In addition to positive sentiment around banks, we believe that there are reasons to be positive about life insurance. We view the life insurance sector as being very defensive and it has demonstrated its resilience through different cycles over the past decade. When the Covid pandemic forced the world into lockdowns, many businesses saw their earnings negatively affected, but earnings of those in the life insurance sector, such as Legal & General, Phoenix and Aviva, did not fall. In addition, attractive valuations, high dividend yields and compelling earnings supported by annuity products providing longer term cash generation give encouragement for longer term returns from this sector.

Consolidation can bring upside

While there are longer term value opportunities to be found, these lower valuations also provide the prospect of mergers and acquisitions. UK M&A activity has been unprecedented in recent years, driven primarily by private equity and US-based corporates who are willing to pay prices based on US valuations. Special Values has been able to take advantage of this interest in 2022 with M&A activity having taken place across the market cap spectrum.

While rising rates have dulled the ability of private equity groups to borrow, we expect to continue to see bids from corporates and we see potential for our holdings to continue to benefit. In the first few months of 2023, already three of our holdings have been bid for.

The outlook looks bright

The relative attractiveness of UK valuations versus other markets and the large divergence in performance between different parts of the market continue to create good opportunities for attractive returns from UK stocks on a three-to-five-year view. In our opinion, the UK market with its higher dividends offers a better prospective return than many other asset classes, including global equities.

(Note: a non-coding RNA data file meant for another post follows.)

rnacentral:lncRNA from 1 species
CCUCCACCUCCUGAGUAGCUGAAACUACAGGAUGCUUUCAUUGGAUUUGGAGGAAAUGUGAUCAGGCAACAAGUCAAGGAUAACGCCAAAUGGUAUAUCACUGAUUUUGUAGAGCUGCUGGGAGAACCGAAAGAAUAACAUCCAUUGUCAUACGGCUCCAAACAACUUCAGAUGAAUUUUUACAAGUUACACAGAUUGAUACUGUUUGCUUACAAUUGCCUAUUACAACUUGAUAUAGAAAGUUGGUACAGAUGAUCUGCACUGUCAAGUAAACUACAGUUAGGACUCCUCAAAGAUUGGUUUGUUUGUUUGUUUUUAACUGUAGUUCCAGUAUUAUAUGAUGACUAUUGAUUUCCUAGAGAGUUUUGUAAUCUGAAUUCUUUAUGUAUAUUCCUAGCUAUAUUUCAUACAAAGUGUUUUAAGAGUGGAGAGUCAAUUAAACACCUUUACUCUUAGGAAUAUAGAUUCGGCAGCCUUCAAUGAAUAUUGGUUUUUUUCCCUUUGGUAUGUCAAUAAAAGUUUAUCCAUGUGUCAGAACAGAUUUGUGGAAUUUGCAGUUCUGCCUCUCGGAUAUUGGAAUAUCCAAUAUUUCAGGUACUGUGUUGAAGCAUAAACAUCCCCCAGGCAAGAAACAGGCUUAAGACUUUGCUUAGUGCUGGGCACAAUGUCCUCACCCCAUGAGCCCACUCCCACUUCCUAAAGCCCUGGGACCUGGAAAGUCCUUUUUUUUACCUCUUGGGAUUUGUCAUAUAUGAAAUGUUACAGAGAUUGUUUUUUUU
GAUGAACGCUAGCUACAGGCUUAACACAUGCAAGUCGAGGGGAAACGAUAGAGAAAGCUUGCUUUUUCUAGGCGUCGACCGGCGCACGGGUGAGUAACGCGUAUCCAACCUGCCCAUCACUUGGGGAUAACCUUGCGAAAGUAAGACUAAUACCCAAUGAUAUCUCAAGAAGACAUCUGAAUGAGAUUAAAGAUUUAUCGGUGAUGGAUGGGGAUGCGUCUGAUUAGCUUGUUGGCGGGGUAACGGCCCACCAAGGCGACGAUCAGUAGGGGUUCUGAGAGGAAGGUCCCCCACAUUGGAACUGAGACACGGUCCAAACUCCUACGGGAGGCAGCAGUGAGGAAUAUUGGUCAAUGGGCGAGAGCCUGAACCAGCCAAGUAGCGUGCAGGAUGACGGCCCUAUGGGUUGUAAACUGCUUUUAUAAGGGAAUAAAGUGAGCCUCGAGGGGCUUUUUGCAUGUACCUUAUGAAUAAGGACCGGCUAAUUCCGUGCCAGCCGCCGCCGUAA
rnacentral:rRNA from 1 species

Important information

The value of investments and the income from them can go down as well as up, so you may get back less than you invest. Overseas investments are subject to currency fluctuations.

The shares in the investment trust are listed on the London Stock Exchange and their price is affected by supply and demand. The investment trust can gain additional exposure to the market, known as gearing, potentially increasing volatility. The trust invests more heavily than others in smaller companies, which can carry a higher risk because their share prices may be more volatile than those of larger companies and the securities are often less liquid.

This trust uses financial derivative instruments for investment purposes, which may expose it to a higher degree of risk and can cause investments to experience larger than average price fluctuations. Reference in this article to specific securities should not be interpreted as a recommendation to buy or sell these securities and is only included for illustration purposes. Investors should note that the views expressed may no longer be current and may have already been acted upon. This information is not a personal recommendation for any particular investment.  If you are unsure about the suitability of an investment you should speak to an authorised financial adviser.

The latest annual reports, key information document (KID) and factsheets can be obtained from our website at or by calling 0800 41 41 10. The full prospectus may also be obtained from Fidelity. The Alternative Investment Fund Manager (AIFM) of Fidelity Investment Trusts is FIL Investment Services (UK) Limited. Issued by Financial Administration Services Limited, authorised and regulated by the Financial Conduct Authority. Fidelity, Fidelity International, the Fidelity International logo and F symbol are trademarks of FIL Limited. 


Fidelity Special Values PLC (LON:FSV) aims to seek out underappreciated companies primarily listed in the UK and is an actively managed contrarian Investment Trust that thrives on volatility and uncertainty.